Under a draft proposal presented at a public forum on Thursday, July 11, the families of each of the 26 victims of the 12/14 Sandy Hook Elementary School shootings would receive $281,000 in donated funds.
Also, under those preliminary recommendations, the families of the 12 surviving children who were in the classrooms where the shootings occurred would receive $20,000 each. Also, two teachers who were injured in the incident would divide $150,000.
Those proposals for fund distribution would cover $7.7 million of the overall $11.4 million in donated money whose disbursement is being overseen by The Newtown-Sandy Hook Community Foundation, Inc. Those collected funds earlier were overseen by the United Way.
Alan Nevas, a former federal judge who heads a three-member fund distribution committee for the foundation, said that the panel would make a final decision on disbursing the $7.7 million by Monday, July 15. The committee met privately with some families affected by the tragedy just before the July 11 forum.
The July 11 session was held to solicit public comment on the proposed fund distribution.
Kenneth Feinberg and Camille Biros, who served as special advisers to the distribution committee, formulated the fund distribution proposal.
Mr Feinberg said that all claims for funds must be submitted by August 2. Checks would be issued to recipients by August 15, he said.
Mr Feinberg said that the tax-free funds to be distributed to the families are not adequate.
“No amount is adequate to deal with these horrors,” he said.
Another distribution committee would be formed by the foundation to decide how to disburse the remaining $3.7 million of donated finds for community purposes.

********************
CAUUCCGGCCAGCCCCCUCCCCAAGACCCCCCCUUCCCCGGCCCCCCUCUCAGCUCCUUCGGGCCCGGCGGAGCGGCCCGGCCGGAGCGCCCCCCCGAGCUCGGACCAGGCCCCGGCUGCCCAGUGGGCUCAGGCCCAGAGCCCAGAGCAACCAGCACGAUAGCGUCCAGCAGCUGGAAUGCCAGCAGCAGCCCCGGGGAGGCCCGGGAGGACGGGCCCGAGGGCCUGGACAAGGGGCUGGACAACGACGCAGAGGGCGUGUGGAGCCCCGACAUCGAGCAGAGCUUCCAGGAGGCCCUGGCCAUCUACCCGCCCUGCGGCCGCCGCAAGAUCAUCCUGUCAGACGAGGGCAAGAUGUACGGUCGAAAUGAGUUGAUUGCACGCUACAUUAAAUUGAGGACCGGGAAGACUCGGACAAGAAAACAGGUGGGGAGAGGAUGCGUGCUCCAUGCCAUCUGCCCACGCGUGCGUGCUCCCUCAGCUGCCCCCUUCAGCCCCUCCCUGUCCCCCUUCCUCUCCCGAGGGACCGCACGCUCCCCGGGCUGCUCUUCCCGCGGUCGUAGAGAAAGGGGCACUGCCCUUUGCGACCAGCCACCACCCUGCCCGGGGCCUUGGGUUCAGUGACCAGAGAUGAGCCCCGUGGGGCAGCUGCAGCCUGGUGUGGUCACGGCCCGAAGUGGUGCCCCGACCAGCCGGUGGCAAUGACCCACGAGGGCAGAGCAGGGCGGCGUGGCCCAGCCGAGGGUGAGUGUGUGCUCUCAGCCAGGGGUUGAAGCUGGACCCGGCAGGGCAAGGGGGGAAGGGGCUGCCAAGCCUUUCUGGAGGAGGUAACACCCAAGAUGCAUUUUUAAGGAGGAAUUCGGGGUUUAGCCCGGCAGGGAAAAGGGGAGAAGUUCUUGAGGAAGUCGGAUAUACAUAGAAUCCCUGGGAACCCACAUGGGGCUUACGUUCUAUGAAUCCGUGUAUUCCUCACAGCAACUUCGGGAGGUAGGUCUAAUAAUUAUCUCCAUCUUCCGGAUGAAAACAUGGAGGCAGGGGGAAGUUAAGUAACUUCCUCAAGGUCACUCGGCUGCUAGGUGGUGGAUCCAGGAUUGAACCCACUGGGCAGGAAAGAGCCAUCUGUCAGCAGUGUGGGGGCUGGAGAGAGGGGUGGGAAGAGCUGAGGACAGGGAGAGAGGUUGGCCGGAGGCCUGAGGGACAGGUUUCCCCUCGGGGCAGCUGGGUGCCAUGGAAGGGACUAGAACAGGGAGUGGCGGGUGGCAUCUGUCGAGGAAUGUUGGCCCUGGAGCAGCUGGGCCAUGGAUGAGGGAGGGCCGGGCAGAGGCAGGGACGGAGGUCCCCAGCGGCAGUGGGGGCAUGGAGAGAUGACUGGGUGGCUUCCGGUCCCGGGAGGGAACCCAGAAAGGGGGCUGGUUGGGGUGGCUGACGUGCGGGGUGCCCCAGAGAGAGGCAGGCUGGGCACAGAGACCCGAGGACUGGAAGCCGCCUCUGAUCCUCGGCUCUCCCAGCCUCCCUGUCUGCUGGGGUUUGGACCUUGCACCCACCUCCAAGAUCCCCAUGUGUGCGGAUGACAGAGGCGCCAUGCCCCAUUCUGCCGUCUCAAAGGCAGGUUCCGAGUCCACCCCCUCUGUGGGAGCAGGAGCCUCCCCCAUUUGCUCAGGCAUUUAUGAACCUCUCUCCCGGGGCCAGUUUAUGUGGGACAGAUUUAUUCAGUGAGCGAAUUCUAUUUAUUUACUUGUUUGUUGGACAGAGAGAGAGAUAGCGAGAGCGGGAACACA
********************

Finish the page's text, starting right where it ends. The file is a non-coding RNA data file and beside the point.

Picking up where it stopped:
Several people spoke at the Edmond Town Hall forum.
Robert Accomondo, representing the charity known as My Sandy Hook Family Fund, said that many local residents wish that the workings of the foundation had been more “transparent” in determining that $7.7 million would be the amount designated for the families most directly affected by the tragedy.
Mr Nevas said the distribution committee was given the task of deciding how to distribute the $7.7 million by the foundation. The distribution panel did not decide on that $7.7 million amount, Mr Nevas stressed.
Jeffrey Dion, representing the National Center for Victims of Crime, endorsed the disbursement proposal that would provide funds to the families of the children who witnessed the crime.
Caryn Kaufman, representing a coalition of shooting victims in past incidents across the nation, asked why all of the $11.4 million in donated funds is not being given to the victims’ families. Those families should receive all of the donated money, she stressed.
Ms Kaufman asked how the remaining $3.7 million of the overall $11.4 million would be distributed.
In a statement, the foundation has said that the $3.7 million would be used for short-term and long-term community needs with priority given to programs that assist the most-affected families, first responders, and school personnel. A second fund distribution committee will soon be formed to consider such disbursements, according to the foundation.
The foundation was formed to oversee the distribution of money that had been received by the Sandy Hook School Support Fund. That fund had been jointly established by the United Way of Western Connecticut and the Newtown Savings Bank.